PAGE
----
Shohei Ohtani is throwing baseballs again, and the Los Angeles Angels hope he’ll eventually feel good enough to return to the mound this season.
The Angels’ two-way rookie sensation played catch from about 60 feet for the second straight day Friday, with a dozen clicking cameras documenting his every move in the Angel Stadium outfield.
Ohtani was cleared by doctors Thursday to begin a throwing progression after he took six weeks off to rest the sprained ligament in his pitching elbow. He had a stem cell platelet-rich plasma injection one day after his most recent pitching appearance on June 6, and the sprain shows signs of healing.
The Angels are eager to find out how well the treatment worked, and they’re still hopeful that Ohtani can avoid Tommy John surgery. But they won’t rush their prized newcomer back onto the mound — particularly while he’s still contributing to the club’s increasingly daunting playoff push as a designated hitter.
“It’s very tough to foresee the future, but we do anticipate him pitching for us this year if everything in his rehab goes as planned,” Angels manager Mike Scioscia said.
Ohtani also was in the Angels’ lineup and batting fifth Friday night as Los Angeles returned from the All-Star break to face Houston. Ohtani hasn’t stopped hitting while he waits to determine whether he’ll pitch again this season.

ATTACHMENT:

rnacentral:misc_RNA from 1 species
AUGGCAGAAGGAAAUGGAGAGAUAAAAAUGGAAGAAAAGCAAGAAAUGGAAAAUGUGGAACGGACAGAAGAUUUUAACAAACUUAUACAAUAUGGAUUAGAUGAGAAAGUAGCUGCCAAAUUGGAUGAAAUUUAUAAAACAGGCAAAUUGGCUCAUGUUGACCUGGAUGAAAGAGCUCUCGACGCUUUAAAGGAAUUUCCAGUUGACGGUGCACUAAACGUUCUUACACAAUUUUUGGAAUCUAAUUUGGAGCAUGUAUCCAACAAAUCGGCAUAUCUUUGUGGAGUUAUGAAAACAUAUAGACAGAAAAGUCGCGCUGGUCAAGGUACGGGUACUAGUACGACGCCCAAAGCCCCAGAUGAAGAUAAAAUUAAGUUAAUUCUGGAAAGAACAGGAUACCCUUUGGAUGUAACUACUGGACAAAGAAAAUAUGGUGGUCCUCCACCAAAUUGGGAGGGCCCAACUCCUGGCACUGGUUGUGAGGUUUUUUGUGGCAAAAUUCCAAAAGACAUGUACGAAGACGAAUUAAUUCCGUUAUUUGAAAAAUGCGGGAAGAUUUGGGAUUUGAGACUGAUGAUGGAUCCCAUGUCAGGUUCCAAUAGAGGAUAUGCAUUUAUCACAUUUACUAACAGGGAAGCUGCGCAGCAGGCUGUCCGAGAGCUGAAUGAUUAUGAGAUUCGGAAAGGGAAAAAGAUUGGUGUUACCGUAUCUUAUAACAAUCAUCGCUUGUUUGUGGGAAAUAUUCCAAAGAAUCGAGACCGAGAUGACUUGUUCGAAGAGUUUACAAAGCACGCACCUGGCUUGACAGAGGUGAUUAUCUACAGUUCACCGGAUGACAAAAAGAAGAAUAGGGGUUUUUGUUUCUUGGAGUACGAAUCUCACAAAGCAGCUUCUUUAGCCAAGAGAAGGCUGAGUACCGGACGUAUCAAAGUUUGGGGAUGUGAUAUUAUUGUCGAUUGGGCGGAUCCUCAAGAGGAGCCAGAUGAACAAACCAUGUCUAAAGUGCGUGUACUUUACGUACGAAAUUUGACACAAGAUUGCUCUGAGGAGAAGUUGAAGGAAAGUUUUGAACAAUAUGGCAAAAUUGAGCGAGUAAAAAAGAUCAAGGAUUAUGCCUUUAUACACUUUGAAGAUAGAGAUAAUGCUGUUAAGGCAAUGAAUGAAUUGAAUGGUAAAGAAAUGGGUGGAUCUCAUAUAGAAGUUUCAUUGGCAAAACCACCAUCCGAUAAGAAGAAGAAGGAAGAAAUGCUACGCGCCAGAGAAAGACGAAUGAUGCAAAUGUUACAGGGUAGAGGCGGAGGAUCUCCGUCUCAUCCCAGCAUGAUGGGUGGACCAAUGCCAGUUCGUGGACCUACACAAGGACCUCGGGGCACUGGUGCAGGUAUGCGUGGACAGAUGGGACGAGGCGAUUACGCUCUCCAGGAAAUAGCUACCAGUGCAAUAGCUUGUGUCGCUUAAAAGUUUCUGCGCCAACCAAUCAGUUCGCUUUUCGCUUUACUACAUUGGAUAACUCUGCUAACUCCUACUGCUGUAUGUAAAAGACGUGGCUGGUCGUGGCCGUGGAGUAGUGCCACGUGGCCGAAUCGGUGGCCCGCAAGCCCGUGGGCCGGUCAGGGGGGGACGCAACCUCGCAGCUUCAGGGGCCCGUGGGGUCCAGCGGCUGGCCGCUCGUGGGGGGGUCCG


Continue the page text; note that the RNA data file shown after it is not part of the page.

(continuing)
Ohtani missed 22 games on the Angels’ disabled list before he returned as a hitter in early July. He wants to keep hitting while his pitching elbow recovers, and the Angels are willing to work with him as usual.
“He’s a unique player with unique demands on him physically that go above and beyond the regular pitcher, or above and beyond the regular hitter,” Angels general manager Billy Eppler said. “It’s just important to be mindful that he’s going to take these steps in his throwing progression, and step by step, we’ll reassess daily. ... If he’s feeling good, his distances will be increased. His time in the throwing progression will be increased. But I can’t answer the question as to when he would potentially be back on the mound.”
Ohtani is 4-1 with a 3.10 ERA and 61 strikeouts in his first nine starts for the Angels, showing fearsome pitching ability in his first season stateside from Japan.
Eppler said the doctors monitoring Ohtani haven’t mentioned the possibility of Tommy John surgery. Ohtani has a Grade 2 sprain of his elbow ligament, which doesn’t always require elbow ligament replacement surgery.
But the Angels also tried PRP injections, stem cell treatment and rest to heal the elbow ligament of former ace Garrett Richards, who decided last week to have Tommy John surgery anyway. He won’t pitch again until 2020, limiting him to 28 starts in four seasons of what should have been his prime.
The Angels can afford to be patient with Ohtani, who is bound to the club for the next five seasons.
The Angels (49-48) were 4 1/2 games out of first place in the AL West when Ohtani stopped pitching. They’ve fallen 14 games off the Astros’ pace as they return from the All-Star break, with streaking Seattle also nine games ahead of them in the AL wild card race.
Los Angeles’ chances for its first playoff victory since 2009 are looking increasingly bleak after yet another season of bewildering injuries, particularly for its pitching staff.
Richards, Keynan Middleton and JC Ramirez have all been lost for the season to Tommy John surgery, and at least nine potential starting pitchers have spent time on the disabled list.